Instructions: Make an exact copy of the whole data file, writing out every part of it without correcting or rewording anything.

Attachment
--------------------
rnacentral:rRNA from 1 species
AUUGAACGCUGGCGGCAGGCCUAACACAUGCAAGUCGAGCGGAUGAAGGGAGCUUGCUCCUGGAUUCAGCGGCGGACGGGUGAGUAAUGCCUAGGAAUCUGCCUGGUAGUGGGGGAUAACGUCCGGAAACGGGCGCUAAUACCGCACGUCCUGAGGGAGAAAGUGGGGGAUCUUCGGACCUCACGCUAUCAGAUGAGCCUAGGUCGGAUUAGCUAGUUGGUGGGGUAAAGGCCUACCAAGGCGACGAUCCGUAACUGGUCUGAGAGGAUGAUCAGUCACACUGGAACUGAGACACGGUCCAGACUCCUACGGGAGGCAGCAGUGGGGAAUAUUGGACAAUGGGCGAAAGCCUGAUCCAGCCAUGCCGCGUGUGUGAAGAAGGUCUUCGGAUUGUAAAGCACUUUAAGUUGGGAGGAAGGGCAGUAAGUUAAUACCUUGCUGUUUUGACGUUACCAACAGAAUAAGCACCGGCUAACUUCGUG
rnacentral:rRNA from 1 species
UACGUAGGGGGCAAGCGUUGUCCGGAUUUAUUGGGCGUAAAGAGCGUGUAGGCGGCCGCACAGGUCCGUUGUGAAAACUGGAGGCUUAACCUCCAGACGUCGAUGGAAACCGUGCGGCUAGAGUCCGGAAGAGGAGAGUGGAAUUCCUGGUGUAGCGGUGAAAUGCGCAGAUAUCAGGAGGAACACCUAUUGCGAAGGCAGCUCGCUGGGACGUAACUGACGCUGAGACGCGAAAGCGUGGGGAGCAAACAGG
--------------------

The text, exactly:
rnacentral:rRNA from 1 species
AUUGAACGCUGGCGGCAGGCCUAACACAUGCAAGUCGAGCGGAUGAAGGGAGCUUGCUCCUGGAUUCAGCGGCGGACGGGUGAGUAAUGCCUAGGAAUCUGCCUGGUAGUGGGGGAUAACGUCCGGAAACGGGCGCUAAUACCGCACGUCCUGAGGGAGAAAGUGGGGGAUCUUCGGACCUCACGCUAUCAGAUGAGCCUAGGUCGGAUUAGCUAGUUGGUGGGGUAAAGGCCUACCAAGGCGACGAUCCGUAACUGGUCUGAGAGGAUGAUCAGUCACACUGGAACUGAGACACGGUCCAGACUCCUACGGGAGGCAGCAGUGGGGAAUAUUGGACAAUGGGCGAAAGCCUGAUCCAGCCAUGCCGCGUGUGUGAAGAAGGUCUUCGGAUUGUAAAGCACUUUAAGUUGGGAGGAAGGGCAGUAAGUUAAUACCUUGCUGUUUUGACGUUACCAACAGAAUAAGCACCGGCUAACUUCGUG
rnacentral:rRNA from 1 species
UACGUAGGGGGCAAGCGUUGUCCGGAUUUAUUGGGCGUAAAGAGCGUGUAGGCGGCCGCACAGGUCCGUUGUGAAAACUGGAGGCUUAACCUCCAGACGUCGAUGGAAACCGUGCGGCUAGAGUCCGGAAGAGGAGAGUGGAAUUCCUGGUGUAGCGGUGAAAUGCGCAGAUAUCAGGAGGAACACCUAUUGCGAAGGCAGCUCGCUGGGACGUAACUGACGCUGAGACGCGAAAGCGUGGGGAGCAAACAGG